I work at the intersection of sport performance, human motion control, and cognitive science. I’m an apprentice mechanic at a local bike shop and also develop ultra fast wearable embedded sensor systems for sport, through my company Performance Sonification. Previously, I spent a decade as an academic philosopher who did fundamental research in cognitive science on the nature of perception. I maintain collaborations with Harris Lab at York University and the Centre for Philosophy of Memory, studying how we control motion and the role of memory in perception.

Based now in Toronto, I previously worked as a postdoctoral research fellow at the Network for Sensory Research in the Department of Philosophy, University of Toronto. In that position I worked with Mohan Matthen, who’s done seminal work on the link between perception and motion. I completed my Ph.D. in philosophy at Rice University (Houston, Texas), working under Casey O’Callaghan, a leading philosopher of sounds who studies multimodal perception. In addition to my work in cognitive science, my background includes university courses in mathematics and physics. See my portfolio for example work.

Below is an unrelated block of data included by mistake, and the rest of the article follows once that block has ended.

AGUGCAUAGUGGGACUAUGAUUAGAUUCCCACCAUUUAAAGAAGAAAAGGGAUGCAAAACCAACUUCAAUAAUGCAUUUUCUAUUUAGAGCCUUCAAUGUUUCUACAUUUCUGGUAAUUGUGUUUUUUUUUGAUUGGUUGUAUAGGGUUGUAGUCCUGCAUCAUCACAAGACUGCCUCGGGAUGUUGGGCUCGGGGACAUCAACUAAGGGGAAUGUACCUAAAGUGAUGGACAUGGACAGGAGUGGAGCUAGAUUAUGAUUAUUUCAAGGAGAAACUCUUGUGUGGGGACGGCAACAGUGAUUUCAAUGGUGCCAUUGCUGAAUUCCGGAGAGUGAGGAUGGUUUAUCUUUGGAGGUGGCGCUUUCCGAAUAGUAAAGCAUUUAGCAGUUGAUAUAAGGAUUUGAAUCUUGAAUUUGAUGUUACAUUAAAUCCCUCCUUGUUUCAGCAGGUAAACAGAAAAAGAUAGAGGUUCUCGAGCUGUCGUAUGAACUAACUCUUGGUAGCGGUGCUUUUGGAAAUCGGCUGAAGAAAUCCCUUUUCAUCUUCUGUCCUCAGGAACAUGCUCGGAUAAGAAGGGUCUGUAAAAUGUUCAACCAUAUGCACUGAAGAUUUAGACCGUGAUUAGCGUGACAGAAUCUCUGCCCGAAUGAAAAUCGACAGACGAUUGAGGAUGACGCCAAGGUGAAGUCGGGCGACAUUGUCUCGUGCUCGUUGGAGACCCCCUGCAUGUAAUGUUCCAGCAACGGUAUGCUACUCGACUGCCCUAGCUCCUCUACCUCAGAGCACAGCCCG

I’ve been an amateur athlete much of my life, competing in both powerlifting as a youth and track cycling more recently. Although I’m not currently an active racer in cycling, in the past I’ve raced at velodromes in Texas, Pennsylvania, New York, and Ontario. I’ve also worked as a community cycling coach.

Academic Research

My research investigates how information is integrated across the senses and memory to afford us both experience of the world and control of our own bodies. I’m interested in both fundamental philosophical questions about the nature of our inner phenomenal consciousness and practical questions about the neural mechanisms of sensory processing.

For a full list of my papers and research interests, visit my research/teaching page. You might also check out this piece and this piece I wrote on presence and digital fluency, or this paper, on how perception involves experience of the past. The paper was recently one of two runners-up for the essay prize at the Centre for Philosophy of Memory. I summarize the idea in a blog post.

Interested in chatting about human perception or movement sonification?